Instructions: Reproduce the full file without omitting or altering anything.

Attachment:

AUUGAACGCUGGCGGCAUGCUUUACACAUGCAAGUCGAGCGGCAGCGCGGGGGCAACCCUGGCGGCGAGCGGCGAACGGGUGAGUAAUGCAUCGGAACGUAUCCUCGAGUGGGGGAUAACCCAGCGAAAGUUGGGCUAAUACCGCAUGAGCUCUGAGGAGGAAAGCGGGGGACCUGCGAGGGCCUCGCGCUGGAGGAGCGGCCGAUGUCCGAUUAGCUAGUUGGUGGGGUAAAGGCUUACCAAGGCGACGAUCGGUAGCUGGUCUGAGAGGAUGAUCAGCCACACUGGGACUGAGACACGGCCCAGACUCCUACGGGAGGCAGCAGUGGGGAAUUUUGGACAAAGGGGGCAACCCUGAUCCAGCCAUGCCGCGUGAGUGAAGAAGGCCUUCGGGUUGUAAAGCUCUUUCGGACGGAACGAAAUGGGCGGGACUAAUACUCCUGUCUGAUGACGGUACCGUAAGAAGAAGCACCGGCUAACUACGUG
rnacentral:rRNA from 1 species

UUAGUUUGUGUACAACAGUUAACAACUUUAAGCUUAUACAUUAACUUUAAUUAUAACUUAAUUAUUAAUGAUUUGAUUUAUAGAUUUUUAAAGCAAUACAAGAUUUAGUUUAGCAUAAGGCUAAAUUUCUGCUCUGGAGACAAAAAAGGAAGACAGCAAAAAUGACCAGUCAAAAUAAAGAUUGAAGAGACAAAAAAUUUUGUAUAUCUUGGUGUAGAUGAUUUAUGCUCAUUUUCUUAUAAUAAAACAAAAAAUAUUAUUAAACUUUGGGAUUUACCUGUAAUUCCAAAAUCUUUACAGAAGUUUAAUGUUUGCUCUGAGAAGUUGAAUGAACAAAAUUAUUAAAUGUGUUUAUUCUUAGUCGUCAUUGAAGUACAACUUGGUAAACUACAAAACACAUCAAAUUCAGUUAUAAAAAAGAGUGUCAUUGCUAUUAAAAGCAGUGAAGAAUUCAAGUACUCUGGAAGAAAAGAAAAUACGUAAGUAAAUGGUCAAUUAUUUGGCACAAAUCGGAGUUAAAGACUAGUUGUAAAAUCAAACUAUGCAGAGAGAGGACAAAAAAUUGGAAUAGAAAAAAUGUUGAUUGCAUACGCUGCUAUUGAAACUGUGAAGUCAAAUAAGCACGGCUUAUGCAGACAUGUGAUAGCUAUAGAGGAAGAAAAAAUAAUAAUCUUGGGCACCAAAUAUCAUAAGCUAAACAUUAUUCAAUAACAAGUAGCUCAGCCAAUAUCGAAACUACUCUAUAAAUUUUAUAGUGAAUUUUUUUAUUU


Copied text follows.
AUUGAACGCUGGCGGCAUGCUUUACACAUGCAAGUCGAGCGGCAGCGCGGGGGCAACCCUGGCGGCGAGCGGCGAACGGGUGAGUAAUGCAUCGGAACGUAUCCUCGAGUGGGGGAUAACCCAGCGAAAGUUGGGCUAAUACCGCAUGAGCUCUGAGGAGGAAAGCGGGGGACCUGCGAGGGCCUCGCGCUGGAGGAGCGGCCGAUGUCCGAUUAGCUAGUUGGUGGGGUAAAGGCUUACCAAGGCGACGAUCGGUAGCUGGUCUGAGAGGAUGAUCAGCCACACUGGGACUGAGACACGGCCCAGACUCCUACGGGAGGCAGCAGUGGGGAAUUUUGGACAAAGGGGGCAACCCUGAUCCAGCCAUGCCGCGUGAGUGAAGAAGGCCUUCGGGUUGUAAAGCUCUUUCGGACGGAACGAAAUGGGCGGGACUAAUACUCCUGUCUGAUGACGGUACCGUAAGAAGAAGCACCGGCUAACUACGUG
rnacentral:rRNA from 1 species

UUAGUUUGUGUACAACAGUUAACAACUUUAAGCUUAUACAUUAACUUUAAUUAUAACUUAAUUAUUAAUGAUUUGAUUUAUAGAUUUUUAAAGCAAUACAAGAUUUAGUUUAGCAUAAGGCUAAAUUUCUGCUCUGGAGACAAAAAAGGAAGACAGCAAAAAUGACCAGUCAAAAUAAAGAUUGAAGAGACAAAAAAUUUUGUAUAUCUUGGUGUAGAUGAUUUAUGCUCAUUUUCUUAUAAUAAAACAAAAAAUAUUAUUAAACUUUGGGAUUUACCUGUAAUUCCAAAAUCUUUACAGAAGUUUAAUGUUUGCUCUGAGAAGUUGAAUGAACAAAAUUAUUAAAUGUGUUUAUUCUUAGUCGUCAUUGAAGUACAACUUGGUAAACUACAAAACACAUCAAAUUCAGUUAUAAAAAAGAGUGUCAUUGCUAUUAAAAGCAGUGAAGAAUUCAAGUACUCUGGAAGAAAAGAAAAUACGUAAGUAAAUGGUCAAUUAUUUGGCACAAAUCGGAGUUAAAGACUAGUUGUAAAAUCAAACUAUGCAGAGAGAGGACAAAAAAUUGGAAUAGAAAAAAUGUUGAUUGCAUACGCUGCUAUUGAAACUGUGAAGUCAAAUAAGCACGGCUUAUGCAGACAUGUGAUAGCUAUAGAGGAAGAAAAAAUAAUAAUCUUGGGCACCAAAUAUCAUAAGCUAAACAUUAUUCAAUAACAAGUAGCUCAGCCAAUAUCGAAACUACUCUAUAAAUUUUAUAGUGAAUUUUUUUAUUU